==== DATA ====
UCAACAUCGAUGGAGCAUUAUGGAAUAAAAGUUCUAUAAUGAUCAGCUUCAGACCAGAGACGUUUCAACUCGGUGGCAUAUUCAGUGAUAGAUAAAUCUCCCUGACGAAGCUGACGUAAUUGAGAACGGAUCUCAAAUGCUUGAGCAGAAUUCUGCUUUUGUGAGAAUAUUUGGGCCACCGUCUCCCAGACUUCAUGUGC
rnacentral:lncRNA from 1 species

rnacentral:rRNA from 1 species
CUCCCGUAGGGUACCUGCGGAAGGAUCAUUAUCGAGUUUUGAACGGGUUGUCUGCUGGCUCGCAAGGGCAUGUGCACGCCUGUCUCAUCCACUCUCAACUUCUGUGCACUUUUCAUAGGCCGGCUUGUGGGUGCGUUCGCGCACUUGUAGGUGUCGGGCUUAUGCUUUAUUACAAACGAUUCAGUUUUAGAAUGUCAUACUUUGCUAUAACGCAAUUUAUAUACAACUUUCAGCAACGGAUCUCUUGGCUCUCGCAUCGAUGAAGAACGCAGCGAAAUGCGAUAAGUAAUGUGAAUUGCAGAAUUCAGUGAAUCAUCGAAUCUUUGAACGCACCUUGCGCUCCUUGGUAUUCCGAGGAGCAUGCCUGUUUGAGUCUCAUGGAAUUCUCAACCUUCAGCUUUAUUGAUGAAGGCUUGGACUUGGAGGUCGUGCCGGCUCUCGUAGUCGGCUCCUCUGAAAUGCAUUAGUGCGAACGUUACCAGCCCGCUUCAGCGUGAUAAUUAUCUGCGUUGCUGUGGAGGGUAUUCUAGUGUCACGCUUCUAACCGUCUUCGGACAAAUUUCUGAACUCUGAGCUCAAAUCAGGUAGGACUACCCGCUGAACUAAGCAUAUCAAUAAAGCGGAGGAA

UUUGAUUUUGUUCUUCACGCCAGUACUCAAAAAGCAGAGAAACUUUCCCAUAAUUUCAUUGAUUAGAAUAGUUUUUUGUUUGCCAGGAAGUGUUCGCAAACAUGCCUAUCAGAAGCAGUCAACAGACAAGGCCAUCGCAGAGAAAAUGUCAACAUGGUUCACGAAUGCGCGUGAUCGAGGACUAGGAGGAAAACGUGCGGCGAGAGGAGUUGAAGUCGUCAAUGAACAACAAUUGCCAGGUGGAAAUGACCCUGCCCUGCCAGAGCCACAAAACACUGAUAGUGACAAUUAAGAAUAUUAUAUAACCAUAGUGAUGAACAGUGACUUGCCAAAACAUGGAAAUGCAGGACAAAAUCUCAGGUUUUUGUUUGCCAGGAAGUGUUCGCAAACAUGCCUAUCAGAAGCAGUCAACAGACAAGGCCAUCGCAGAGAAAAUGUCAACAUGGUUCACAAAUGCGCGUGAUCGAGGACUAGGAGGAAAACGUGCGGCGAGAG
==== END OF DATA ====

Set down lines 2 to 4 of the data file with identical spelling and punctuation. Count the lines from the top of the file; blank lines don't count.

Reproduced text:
rnacentral:lncRNA from 1 species

rnacentral:rRNA from 1 species
CUCCCGUAGGGUACCUGCGGAAGGAUCAUUAUCGAGUUUUGAACGGGUUGUCUGCUGGCUCGCAAGGGCAUGUGCACGCCUGUCUCAUCCACUCUCAACUUCUGUGCACUUUUCAUAGGCCGGCUUGUGGGUGCGUUCGCGCACUUGUAGGUGUCGGGCUUAUGCUUUAUUACAAACGAUUCAGUUUUAGAAUGUCAUACUUUGCUAUAACGCAAUUUAUAUACAACUUUCAGCAACGGAUCUCUUGGCUCUCGCAUCGAUGAAGAACGCAGCGAAAUGCGAUAAGUAAUGUGAAUUGCAGAAUUCAGUGAAUCAUCGAAUCUUUGAACGCACCUUGCGCUCCUUGGUAUUCCGAGGAGCAUGCCUGUUUGAGUCUCAUGGAAUUCUCAACCUUCAGCUUUAUUGAUGAAGGCUUGGACUUGGAGGUCGUGCCGGCUCUCGUAGUCGGCUCCUCUGAAAUGCAUUAGUGCGAACGUUACCAGCCCGCUUCAGCGUGAUAAUUAUCUGCGUUGCUGUGGAGGGUAUUCUAGUGUCACGCUUCUAACCGUCUUCGGACAAAUUUCUGAACUCUGAGCUCAAAUCAGGUAGGACUACCCGCUGAACUAAGCAUAUCAAUAAAGCGGAGGAA